Towards the end of his lamentably short life, Mozart had accepted all types of commissions. For a while, the most talented musician in all of Vienna was churning out dance music for the entertainment of royals and nobles at Vienna’s famous imperial court balls. One of these commissions was for a mechanical organ, a small instrument which operated on a principle not too different from that of a player piano. The mechanical organ in question was not very large and Mozart was apparently disgusted by writing for it. But, he needed the money at the time.
The Mozart family finances were better some years than others. Constanze Mozart, often depicted as a silly and flighty girl, was actually a good manager of money, something she was to prove after her husband’s death. Mozart also had the prospect of going to London ahead of him. Haydn’s impresario Solomon was going to bring Mozart to London. Haydn went to England a middle-class servant of a noble family, took London by storm, and returned to Vienna a very wealthy man. Who knows what might have been had Mozart taken a similar journey?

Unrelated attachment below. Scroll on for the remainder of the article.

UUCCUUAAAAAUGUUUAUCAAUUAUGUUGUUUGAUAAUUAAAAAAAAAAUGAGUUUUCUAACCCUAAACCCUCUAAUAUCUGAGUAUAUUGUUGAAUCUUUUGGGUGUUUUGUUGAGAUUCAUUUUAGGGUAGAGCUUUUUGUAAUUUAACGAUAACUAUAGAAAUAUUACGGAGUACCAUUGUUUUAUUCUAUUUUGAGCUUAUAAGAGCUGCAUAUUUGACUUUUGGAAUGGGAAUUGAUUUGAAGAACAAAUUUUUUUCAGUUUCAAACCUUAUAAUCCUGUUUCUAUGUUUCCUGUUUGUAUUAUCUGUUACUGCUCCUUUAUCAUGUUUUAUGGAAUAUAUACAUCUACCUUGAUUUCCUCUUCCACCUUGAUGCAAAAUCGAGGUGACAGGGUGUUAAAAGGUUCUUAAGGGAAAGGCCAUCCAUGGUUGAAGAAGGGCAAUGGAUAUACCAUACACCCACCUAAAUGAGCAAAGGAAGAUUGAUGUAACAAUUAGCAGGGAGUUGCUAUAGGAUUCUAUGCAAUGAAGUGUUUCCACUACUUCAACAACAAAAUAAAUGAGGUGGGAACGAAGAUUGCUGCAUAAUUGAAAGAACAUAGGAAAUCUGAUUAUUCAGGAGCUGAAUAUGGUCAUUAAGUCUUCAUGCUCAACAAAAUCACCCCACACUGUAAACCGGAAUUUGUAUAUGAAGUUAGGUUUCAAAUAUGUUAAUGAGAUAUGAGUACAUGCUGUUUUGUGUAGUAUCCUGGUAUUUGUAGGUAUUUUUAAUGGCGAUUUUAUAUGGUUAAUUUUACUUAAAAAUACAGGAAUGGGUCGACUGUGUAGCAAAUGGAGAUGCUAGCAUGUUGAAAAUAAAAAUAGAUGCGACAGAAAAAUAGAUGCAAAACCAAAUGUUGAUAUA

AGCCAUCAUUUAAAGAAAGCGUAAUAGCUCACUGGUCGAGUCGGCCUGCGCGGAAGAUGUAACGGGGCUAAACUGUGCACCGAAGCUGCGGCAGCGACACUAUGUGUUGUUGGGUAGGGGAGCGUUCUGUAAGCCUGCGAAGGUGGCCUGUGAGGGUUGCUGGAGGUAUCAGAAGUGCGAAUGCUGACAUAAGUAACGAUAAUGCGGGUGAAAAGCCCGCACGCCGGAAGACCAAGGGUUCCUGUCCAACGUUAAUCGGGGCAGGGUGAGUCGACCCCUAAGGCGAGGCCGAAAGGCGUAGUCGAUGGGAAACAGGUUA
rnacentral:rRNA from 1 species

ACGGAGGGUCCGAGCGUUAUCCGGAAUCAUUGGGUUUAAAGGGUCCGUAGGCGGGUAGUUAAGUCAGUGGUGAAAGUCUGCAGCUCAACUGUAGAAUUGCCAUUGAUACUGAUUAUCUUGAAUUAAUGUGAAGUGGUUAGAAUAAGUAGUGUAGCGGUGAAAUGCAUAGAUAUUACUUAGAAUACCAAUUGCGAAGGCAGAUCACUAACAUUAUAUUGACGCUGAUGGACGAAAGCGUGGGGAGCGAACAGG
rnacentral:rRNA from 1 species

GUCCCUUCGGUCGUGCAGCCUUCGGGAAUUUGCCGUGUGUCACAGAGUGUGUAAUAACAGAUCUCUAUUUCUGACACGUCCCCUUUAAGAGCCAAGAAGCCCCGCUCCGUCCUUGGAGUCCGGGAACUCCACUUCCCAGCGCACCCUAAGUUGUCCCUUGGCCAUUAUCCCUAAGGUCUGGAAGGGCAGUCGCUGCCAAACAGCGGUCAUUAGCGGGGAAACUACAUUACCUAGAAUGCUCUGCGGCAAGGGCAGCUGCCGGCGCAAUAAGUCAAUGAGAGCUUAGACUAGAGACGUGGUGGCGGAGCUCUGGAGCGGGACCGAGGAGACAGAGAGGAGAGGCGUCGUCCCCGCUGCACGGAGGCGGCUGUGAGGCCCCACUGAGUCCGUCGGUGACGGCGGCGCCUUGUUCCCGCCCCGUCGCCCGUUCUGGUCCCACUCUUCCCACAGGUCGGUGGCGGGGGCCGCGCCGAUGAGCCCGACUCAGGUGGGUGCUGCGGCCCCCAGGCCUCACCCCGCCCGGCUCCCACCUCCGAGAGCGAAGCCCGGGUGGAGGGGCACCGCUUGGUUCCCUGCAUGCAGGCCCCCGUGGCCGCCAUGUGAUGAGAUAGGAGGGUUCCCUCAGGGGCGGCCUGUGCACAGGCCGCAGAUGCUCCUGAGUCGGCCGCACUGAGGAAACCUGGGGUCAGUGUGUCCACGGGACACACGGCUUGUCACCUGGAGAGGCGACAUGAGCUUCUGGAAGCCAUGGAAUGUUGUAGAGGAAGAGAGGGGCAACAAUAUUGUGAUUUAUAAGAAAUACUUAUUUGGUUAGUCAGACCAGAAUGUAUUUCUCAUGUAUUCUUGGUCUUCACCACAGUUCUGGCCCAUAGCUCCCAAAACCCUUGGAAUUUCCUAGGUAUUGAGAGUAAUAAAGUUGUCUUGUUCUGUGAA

This piece, originally written for a couple of ranks of shrill pipes, is now one of the staples of the organ repertoire. Mozart was a skilled organist and played a number of organs throughout Europe, including the 1738 Christian Müller organ at the Sint-Bavokerk in Haarlem, The Netherlands.